(Page 2 of 2)
“There are literally hundreds of millions of people who are clamoring for trying to get some type of compensation for data. Everyone wants to be paid, and the challenge is, ultimately, finding enough buyers,” he says. “It’s early days to try to figure out this value exchange. But I believe there is a big opportunity here, and we are starting to see it.”
Mobile phones have set off a new land rush for detailed personal data, but the traditional Web browser is still the place where advertisers spend billions of dollars per year chasing customers. Enliken, a startup based in New York and Seattle, thinks consumers are ready to turn the tables on that pursuit.
Enliken uses tracking software that people elect to install in their Web browsers in exchange for discounts on things they buy online. It’s presented as the digital equivalent of a grocery-store “loyalty” card, a concept that American shoppers have been used to since the 90s.
The company recently surveyed Web users by giving them a fascinating inside glimpse at the kind of data advertising networks were collecting about them. Consumers then rated each attribute assigned to them based on their Web usage, saying whether they considered the information very accurate or too sensitive for their liking.
Enliken says most people who took the survey found the collection of online shopping information to be pretty harmless—what kinds of products they’d recently looked at, their hobbies, broad demographic categories like “parent” or “small business owner.” People only showed consistent privacy concerns about data on their voting preferences, their income levels, whether they owned a home, and their retirement investing preferences.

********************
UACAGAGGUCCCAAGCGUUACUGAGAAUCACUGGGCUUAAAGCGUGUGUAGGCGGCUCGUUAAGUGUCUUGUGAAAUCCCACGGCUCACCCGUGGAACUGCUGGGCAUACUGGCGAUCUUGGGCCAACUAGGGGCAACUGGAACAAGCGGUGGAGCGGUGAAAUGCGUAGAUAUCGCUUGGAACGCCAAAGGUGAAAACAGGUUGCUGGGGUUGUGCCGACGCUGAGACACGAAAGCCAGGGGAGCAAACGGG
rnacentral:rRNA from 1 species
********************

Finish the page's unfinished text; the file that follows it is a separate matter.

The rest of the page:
The point, Enliken CEO Marc Guldimann says, is that consumers aren’t opposed to being tracked—but they want to know what advertisers are learning about them. “This lines up with our belief that if you give consumers transparency and control they’ll be happy to share non-sensitive data with merchants and brands,” he says.
All of these companies are, to some degree, betting that markets for user-controlled data will grow in response to consumer expectations and government regulation. But there’s a long road ahead before that’s settled.
In a blog post, Enliken laid out a vision of data exchanges in 2016: “Profiles are now considered personal property and are rarely sold by apps or sites,” with the average American earning $10 per month from selling access to their digital data.
Others aren’t so sure a new market for personal data will catch on everywhere.
Eagle, the CEO of Jana, says paying consumers directly for using their information is more likely to become a norm in the developing world, where his company operates.
First of all, developing-market data is much more scarce—not as much is known about these consumers, who represent huge populations that are rapidly becoming more affluent. But back home, your average consumer has already been extensively profiled by marketers and data-collectors of all kinds.
There’s also the tricky matter of putting a price on that information, which the WEF notes is “wildly subjective.” If Jana’s paying a dime to mobile phone users in a data-poor market like India, can exhaustively profiled U.S. consumers even earn enough to make them care?
By posting a comment, you agree to our terms and conditions.